The 401(k) plan advisor space may seem kind of dry and unexciting—a place once stalked by record-keepers, bundled fund providers and HR departments—but that bird’s eye view is clouded by the actual huge changes going on and massive amounts of money moving around in this space.

This space has traditionally been ruled by mega consulting firms like Mercer and Aon Hewitt handling the giant companies and broker-dealers cleaning up with the smaller plans. But 10 to 20 years ago, the ground started to shift amid accounting scandals—and a new legal terra firma was created. That world made it safe for RIA Firms like Captrust, in Raleigh, N.C., to evolve and become giants in their own rights.

Captrust was calved from a broker-dealer in 1997 by J. Fielding Miller, who had started building up his DC business in the late 1980s. The firm, which has since planted a flag as 401(k) participant advisor in 37 cities, is now engaging in another kind of homesteading in those cities—acquiring wealth managers to bulk up its high-net-worth business. After an acquisition tear, the firm has built up some $10 billion in AUM to go along with its $270 billion in institutional assets under advisement (including 401(k)s). The company now boasts some 480 employees and 160 advisors spread across the country.

“When we started, there wasn’t really a retirement advisor industry,” Miller says. “We just kind of created in our neck of the woods a kind of cottage industry and there’s other entrepreneurs around the country that were doing the same thing.”

On The Backs of Trucks

Miller got his start at Interstate/Johnson Lane in 1987, hoping to follow his successful brother into the brokerage industry. He made the usual 30 calls a day from his office selling securities including stocks, municipal bonds and funds if he could keep people on the phone for five minutes. His first challenge was the 1987 stock market crash. “I called everybody with recommendations about buying in while things were on the cheap and got a lot of new customers that way.”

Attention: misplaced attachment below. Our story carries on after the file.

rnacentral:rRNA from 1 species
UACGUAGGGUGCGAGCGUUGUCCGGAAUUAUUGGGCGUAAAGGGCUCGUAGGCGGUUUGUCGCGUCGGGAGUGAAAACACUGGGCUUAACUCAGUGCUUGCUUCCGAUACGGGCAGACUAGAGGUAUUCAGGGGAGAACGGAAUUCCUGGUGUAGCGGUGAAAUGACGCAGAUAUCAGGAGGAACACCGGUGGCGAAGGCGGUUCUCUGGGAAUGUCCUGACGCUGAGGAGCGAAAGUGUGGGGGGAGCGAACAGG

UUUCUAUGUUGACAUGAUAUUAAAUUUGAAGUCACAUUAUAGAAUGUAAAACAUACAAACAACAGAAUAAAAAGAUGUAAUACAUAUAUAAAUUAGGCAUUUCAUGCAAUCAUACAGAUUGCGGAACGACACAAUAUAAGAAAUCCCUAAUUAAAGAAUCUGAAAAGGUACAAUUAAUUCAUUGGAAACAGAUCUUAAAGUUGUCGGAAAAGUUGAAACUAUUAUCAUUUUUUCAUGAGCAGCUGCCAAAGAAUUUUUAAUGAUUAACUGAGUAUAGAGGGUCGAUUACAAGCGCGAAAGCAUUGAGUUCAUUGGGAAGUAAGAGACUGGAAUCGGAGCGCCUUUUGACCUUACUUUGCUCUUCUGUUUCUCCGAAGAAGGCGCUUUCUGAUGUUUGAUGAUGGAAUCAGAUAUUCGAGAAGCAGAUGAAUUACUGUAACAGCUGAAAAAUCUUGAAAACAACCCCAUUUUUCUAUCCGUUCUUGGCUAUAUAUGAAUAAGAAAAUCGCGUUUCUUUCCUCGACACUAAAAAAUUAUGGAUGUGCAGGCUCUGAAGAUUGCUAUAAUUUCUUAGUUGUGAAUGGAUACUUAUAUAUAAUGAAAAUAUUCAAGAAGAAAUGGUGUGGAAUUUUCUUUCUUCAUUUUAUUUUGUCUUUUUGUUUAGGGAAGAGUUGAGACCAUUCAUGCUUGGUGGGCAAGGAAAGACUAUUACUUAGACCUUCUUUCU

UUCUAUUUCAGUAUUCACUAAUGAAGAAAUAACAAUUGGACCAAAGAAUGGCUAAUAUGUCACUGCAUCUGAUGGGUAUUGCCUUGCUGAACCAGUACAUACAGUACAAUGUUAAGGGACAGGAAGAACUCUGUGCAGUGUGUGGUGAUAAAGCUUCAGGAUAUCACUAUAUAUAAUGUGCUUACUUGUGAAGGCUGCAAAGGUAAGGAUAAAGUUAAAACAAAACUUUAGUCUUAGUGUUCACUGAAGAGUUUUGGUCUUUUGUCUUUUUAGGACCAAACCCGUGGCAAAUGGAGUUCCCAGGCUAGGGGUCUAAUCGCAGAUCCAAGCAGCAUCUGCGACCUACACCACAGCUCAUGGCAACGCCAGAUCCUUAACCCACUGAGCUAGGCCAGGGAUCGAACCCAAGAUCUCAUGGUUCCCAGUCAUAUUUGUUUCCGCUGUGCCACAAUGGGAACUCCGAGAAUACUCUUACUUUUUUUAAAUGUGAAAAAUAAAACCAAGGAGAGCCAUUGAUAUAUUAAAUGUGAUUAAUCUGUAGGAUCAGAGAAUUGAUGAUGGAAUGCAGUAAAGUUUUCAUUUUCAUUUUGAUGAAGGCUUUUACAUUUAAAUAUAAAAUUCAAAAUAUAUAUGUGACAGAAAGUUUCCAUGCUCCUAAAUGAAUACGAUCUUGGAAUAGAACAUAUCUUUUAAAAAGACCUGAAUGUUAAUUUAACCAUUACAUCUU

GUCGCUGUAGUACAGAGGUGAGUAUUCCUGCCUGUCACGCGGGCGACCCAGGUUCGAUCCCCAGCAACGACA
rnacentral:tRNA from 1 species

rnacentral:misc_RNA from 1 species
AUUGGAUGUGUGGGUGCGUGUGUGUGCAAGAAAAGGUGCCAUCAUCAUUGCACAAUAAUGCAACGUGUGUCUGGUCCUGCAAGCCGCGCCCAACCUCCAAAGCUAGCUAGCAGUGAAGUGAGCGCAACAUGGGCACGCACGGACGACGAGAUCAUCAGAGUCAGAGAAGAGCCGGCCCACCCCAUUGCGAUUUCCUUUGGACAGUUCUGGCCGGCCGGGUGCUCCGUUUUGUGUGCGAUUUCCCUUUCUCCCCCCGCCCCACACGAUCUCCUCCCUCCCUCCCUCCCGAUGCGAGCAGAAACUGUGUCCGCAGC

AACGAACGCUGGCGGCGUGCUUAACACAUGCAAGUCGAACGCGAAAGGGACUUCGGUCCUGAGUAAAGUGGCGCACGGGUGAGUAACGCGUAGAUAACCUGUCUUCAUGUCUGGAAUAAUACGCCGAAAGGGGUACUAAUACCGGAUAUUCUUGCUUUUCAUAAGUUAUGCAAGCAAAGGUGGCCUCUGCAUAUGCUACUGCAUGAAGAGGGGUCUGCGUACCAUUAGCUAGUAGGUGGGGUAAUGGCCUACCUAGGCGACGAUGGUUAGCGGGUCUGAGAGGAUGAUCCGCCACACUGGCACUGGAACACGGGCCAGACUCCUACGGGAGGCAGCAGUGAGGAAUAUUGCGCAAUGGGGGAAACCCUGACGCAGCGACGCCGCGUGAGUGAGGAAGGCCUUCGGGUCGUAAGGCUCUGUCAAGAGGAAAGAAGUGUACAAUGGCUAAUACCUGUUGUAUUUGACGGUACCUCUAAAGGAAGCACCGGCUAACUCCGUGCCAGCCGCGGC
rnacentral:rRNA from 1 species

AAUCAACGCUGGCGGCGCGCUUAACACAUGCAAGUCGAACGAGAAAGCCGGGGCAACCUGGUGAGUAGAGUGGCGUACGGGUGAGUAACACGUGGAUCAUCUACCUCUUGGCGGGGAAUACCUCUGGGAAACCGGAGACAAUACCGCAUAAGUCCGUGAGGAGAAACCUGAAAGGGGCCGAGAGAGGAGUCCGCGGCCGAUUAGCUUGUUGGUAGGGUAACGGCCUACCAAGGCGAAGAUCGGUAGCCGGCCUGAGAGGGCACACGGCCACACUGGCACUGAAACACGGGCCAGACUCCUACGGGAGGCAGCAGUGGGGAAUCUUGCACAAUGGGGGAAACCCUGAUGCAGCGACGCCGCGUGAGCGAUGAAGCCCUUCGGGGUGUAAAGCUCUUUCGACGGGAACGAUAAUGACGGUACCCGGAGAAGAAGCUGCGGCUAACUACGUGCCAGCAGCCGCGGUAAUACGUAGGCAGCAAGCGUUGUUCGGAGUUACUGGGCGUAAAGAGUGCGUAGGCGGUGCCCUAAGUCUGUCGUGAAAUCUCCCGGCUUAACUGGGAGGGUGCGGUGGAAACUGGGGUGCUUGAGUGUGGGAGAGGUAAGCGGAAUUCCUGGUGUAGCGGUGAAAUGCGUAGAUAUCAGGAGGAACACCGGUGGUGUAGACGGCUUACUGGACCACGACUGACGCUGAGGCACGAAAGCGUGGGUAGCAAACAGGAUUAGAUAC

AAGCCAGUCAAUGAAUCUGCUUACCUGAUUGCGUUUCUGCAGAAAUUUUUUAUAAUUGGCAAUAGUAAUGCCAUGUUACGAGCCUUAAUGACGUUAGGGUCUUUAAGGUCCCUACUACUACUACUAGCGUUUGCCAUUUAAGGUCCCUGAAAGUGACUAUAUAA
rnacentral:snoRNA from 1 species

On a tip, he cold-called an engineering firm with a $250,000 profit-sharing plan, hoping to steal the business from a bank trust department. This was the advent of the 401(k) age, and retirement plans were the province of the UBSes, Merrill Lynches and Morgan Stanleys of the world, he says. But he heard tales of woe from the plan sponsors—not about the investments but about the service. “It had to do with all the ancillary things that go along with being a plan sponsor.” That included the plan design and documents, the audits and compliance. And, of course, the perennial problem: getting employees to sign up.

Miller saw an opportunity for a small advisor willing to work hard and cover a lot of ground—he and his team spread out across North Carolina trying to sign people up, Music Man style. “It’s hard to do that,” he says. “It’s boots on the ground.”

It meant signing people up at midnight on the backs of trucks. Tipping back a bottle of beer on the floor of a liquor distribution facility. “It could be a third shift textile company where you’re talking to a single mom [with] not a lot of money and you’re trying to get her to set some money aside. … They’re looking at you like you’re a Martian.” These were often people who felt they needed every dollar they made. One participant at a trucking company was so angry about a clerical error made under the previous plan administrator that he threw a sausage biscuit at one of Miller’s team members.

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